Elissa Maudlin

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CAMPUS

Ball State students ‘walked a mile in her shoes’ for sexual assault, domestic violence march at University Green

As people clung to their jackets holding protest signs and wind blew through University Green, several men picked a pair of heels in their size from a table and began buckling them onto their feet. With different heel height variations, the men gathered with women to “walk a mile in [their] shoes,” and to march in awareness of violent crimes against women.


Second Year Grad Sculpture Student Ellen Leigh (left) gives Sandy Tharp (right) a mount that she sculpted for Tharp to put the basket on top of on Jan. 14, 2022 at Forever Baskets in Muncie, IN. Amber Pietz, DN
COMMUNITIES

Members of Muncie craft shop Forever Baskets talk about basket weaving and the business

  It starts with the base, a circular slab of wood surrounded by thinner strands, which travel the perimeter of the slab, around and around. Tall strands the size of popsicle sticks reach toward the sky, away from the circular motion of the other strands, almost making a fence. Where the end of the continuous circle meets the sky-reaching fence, the thinner circular strands begin to weave around the taller strands, enveloping them. This is basket weaving.


Erica Robinson Moody laughs while doing her son Brooklyn's hair Jan. 27. Erica's mission statement for her classes is "bridging the cultural gaps in the beauty community," and she is very focused on cultural hair education. Maya Wilkins, DN
BLACK HISTORY MONTH

Muncie Education in Biracial Hair class aims to change the beauty industry

In a room attached to the kitchen of Erica Robinson Moody’s home sits two salon chairs. A cabinet is filled with different colored hair dyes, an apron hangs on a hook near a large mirror and products stand in single-file lines on the counters.  Her son, Brooklyn Moody, sits in a salon chair where his mom said he often falls asleep, while she takes a comb, twirls it tightly on a small section of his hair and creates a tight, springy curl an inch or two in length. Dozens of these curls lie across his head. Brooklyn’s hairstyle takes 45 minutes to style this way, and the style only stays for about a week —  a reality for biracial hair.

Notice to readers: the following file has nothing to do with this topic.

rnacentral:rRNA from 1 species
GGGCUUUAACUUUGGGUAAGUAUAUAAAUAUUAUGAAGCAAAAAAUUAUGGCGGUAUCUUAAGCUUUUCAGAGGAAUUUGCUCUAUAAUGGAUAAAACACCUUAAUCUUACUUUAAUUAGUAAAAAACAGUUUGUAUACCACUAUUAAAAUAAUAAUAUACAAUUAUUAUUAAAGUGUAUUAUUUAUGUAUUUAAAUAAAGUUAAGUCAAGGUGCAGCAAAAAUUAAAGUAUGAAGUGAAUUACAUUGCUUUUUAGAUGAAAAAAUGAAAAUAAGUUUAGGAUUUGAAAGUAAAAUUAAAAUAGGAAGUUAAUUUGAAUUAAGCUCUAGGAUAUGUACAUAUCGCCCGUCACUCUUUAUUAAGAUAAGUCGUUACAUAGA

Maggie Getzin, DN Illustration
OPINION

The graduation parachute

 As students, we need to be aware of the possibility of the picture-perfect portraits of our futures falling apart, and we need to ask for the right instruction from our universities to combat that possibility. 


Before the "Gen: i" meeting begins Sept. 23, Viveka Melo shows Charity Coffman, associate program director at the Entrepreneurial Leadership Institute, something on her phone. The "Gen: i" group meets twice per month. Elissa Maudlin, DN
NEWS

Ball State's Entrepreneurial Leadership Institute launches new 'Gen: i' program

With the tap of keys on a keyboard and the click of a mouse, a group of undergraduate and graduate students each pressed “send” on an application. They were chosen from a small pool of applicants after presenting who they are to the lens of a camera and writing a 1,000-word-maximum essay to explain why they should be part of a program that’s never been done before. 


NEWS

Boys and Girls Clubs of Muncie present Just Desserts fundraiser for 2021

People in tables of four will gather in one room Sept. 25 after paying $200 for their table at the annual Just Desserts fundraiser for the Boys and Girls Clubs of Muncie. Each table will discuss how much money they will collectively put on the line to beat out other tables to win the prize — their top choice of treats available. The reward will be sweets because, as Amy Gibson, director of resource development at the Boys and Girls Clubs of Muncie, said, “It’s all about the desserts, and who doesn’t love desserts?”


OPINION

Abstraction: Gay is still normal

There is still this looming idea that LGBTQ people are different. We are seen as special, unique, brave, edgy, but all those adjectives give off the same impression: we’re still different. 


OPINION

Abstraction: Generation Google

The problem is life doesn’t work this way. Life isn’t like Google. It’s an entire journey where you don’t get your answers until later down the line — if you get answers at all. 

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